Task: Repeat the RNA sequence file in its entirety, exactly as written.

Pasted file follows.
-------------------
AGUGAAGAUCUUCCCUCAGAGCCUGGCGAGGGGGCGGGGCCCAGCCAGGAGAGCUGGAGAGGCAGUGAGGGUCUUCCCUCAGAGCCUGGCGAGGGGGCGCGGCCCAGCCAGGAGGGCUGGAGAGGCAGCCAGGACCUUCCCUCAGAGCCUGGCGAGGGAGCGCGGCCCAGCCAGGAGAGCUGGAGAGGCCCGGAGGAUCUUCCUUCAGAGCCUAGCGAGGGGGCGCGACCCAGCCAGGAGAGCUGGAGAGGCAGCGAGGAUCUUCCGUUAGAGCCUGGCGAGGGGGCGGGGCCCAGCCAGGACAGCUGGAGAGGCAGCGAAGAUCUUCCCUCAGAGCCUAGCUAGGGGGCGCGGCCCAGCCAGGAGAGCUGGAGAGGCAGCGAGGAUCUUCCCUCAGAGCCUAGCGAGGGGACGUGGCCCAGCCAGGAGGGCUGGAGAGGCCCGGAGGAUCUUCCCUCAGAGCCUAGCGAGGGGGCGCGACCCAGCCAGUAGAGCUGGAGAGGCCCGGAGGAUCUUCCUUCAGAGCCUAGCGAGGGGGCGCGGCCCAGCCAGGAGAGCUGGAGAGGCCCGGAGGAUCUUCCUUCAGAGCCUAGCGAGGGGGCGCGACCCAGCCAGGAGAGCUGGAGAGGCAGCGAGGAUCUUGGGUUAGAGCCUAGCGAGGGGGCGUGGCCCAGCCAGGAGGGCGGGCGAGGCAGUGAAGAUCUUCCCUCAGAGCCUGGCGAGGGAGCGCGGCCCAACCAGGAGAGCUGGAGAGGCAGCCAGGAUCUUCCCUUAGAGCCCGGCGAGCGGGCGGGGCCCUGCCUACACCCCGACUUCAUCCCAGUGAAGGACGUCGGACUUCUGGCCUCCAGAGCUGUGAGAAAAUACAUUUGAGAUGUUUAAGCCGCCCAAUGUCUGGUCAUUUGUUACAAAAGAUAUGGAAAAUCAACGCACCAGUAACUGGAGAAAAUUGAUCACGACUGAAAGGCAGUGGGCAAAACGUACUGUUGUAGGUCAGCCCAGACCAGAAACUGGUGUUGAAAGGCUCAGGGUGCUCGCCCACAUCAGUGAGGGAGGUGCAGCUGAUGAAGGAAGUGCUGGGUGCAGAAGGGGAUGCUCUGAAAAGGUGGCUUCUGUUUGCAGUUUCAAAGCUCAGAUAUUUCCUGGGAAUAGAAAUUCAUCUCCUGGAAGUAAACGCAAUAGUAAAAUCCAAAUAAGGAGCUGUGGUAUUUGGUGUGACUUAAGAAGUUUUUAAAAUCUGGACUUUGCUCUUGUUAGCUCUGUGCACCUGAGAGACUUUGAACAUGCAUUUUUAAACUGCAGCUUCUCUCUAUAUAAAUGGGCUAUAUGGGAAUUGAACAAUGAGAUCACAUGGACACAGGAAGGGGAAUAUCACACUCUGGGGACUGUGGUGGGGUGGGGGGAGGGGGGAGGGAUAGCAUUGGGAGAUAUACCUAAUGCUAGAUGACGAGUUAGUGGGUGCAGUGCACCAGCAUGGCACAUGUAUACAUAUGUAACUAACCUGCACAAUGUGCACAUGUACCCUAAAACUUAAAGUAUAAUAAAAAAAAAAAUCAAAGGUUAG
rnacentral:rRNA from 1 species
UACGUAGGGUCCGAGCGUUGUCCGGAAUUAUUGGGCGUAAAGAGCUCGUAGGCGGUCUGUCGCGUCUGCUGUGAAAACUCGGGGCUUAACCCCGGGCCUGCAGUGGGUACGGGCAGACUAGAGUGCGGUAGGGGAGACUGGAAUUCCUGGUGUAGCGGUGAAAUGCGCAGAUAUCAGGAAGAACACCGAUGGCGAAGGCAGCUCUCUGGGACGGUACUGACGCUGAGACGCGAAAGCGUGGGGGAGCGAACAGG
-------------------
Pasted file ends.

AGUGAAGAUCUUCCCUCAGAGCCUGGCGAGGGGGCGGGGCCCAGCCAGGAGAGCUGGAGAGGCAGUGAGGGUCUUCCCUCAGAGCCUGGCGAGGGGGCGCGGCCCAGCCAGGAGGGCUGGAGAGGCAGCCAGGACCUUCCCUCAGAGCCUGGCGAGGGAGCGCGGCCCAGCCAGGAGAGCUGGAGAGGCCCGGAGGAUCUUCCUUCAGAGCCUAGCGAGGGGGCGCGACCCAGCCAGGAGAGCUGGAGAGGCAGCGAGGAUCUUCCGUUAGAGCCUGGCGAGGGGGCGGGGCCCAGCCAGGACAGCUGGAGAGGCAGCGAAGAUCUUCCCUCAGAGCCUAGCUAGGGGGCGCGGCCCAGCCAGGAGAGCUGGAGAGGCAGCGAGGAUCUUCCCUCAGAGCCUAGCGAGGGGACGUGGCCCAGCCAGGAGGGCUGGAGAGGCCCGGAGGAUCUUCCCUCAGAGCCUAGCGAGGGGGCGCGACCCAGCCAGUAGAGCUGGAGAGGCCCGGAGGAUCUUCCUUCAGAGCCUAGCGAGGGGGCGCGGCCCAGCCAGGAGAGCUGGAGAGGCCCGGAGGAUCUUCCUUCAGAGCCUAGCGAGGGGGCGCGACCCAGCCAGGAGAGCUGGAGAGGCAGCGAGGAUCUUGGGUUAGAGCCUAGCGAGGGGGCGUGGCCCAGCCAGGAGGGCGGGCGAGGCAGUGAAGAUCUUCCCUCAGAGCCUGGCGAGGGAGCGCGGCCCAACCAGGAGAGCUGGAGAGGCAGCCAGGAUCUUCCCUUAGAGCCCGGCGAGCGGGCGGGGCCCUGCCUACACCCCGACUUCAUCCCAGUGAAGGACGUCGGACUUCUGGCCUCCAGAGCUGUGAGAAAAUACAUUUGAGAUGUUUAAGCCGCCCAAUGUCUGGUCAUUUGUUACAAAAGAUAUGGAAAAUCAACGCACCAGUAACUGGAGAAAAUUGAUCACGACUGAAAGGCAGUGGGCAAAACGUACUGUUGUAGGUCAGCCCAGACCAGAAACUGGUGUUGAAAGGCUCAGGGUGCUCGCCCACAUCAGUGAGGGAGGUGCAGCUGAUGAAGGAAGUGCUGGGUGCAGAAGGGGAUGCUCUGAAAAGGUGGCUUCUGUUUGCAGUUUCAAAGCUCAGAUAUUUCCUGGGAAUAGAAAUUCAUCUCCUGGAAGUAAACGCAAUAGUAAAAUCCAAAUAAGGAGCUGUGGUAUUUGGUGUGACUUAAGAAGUUUUUAAAAUCUGGACUUUGCUCUUGUUAGCUCUGUGCACCUGAGAGACUUUGAACAUGCAUUUUUAAACUGCAGCUUCUCUCUAUAUAAAUGGGCUAUAUGGGAAUUGAACAAUGAGAUCACAUGGACACAGGAAGGGGAAUAUCACACUCUGGGGACUGUGGUGGGGUGGGGGGAGGGGGGAGGGAUAGCAUUGGGAGAUAUACCUAAUGCUAGAUGACGAGUUAGUGGGUGCAGUGCACCAGCAUGGCACAUGUAUACAUAUGUAACUAACCUGCACAAUGUGCACAUGUACCCUAAAACUUAAAGUAUAAUAAAAAAAAAAAUCAAAGGUUAG
rnacentral:rRNA from 1 species
UACGUAGGGUCCGAGCGUUGUCCGGAAUUAUUGGGCGUAAAGAGCUCGUAGGCGGUCUGUCGCGUCUGCUGUGAAAACUCGGGGCUUAACCCCGGGCCUGCAGUGGGUACGGGCAGACUAGAGUGCGGUAGGGGAGACUGGAAUUCCUGGUGUAGCGGUGAAAUGCGCAGAUAUCAGGAAGAACACCGAUGGCGAAGGCAGCUCUCUGGGACGGUACUGACGCUGAGACGCGAAAGCGUGGGGGAGCGAACAGG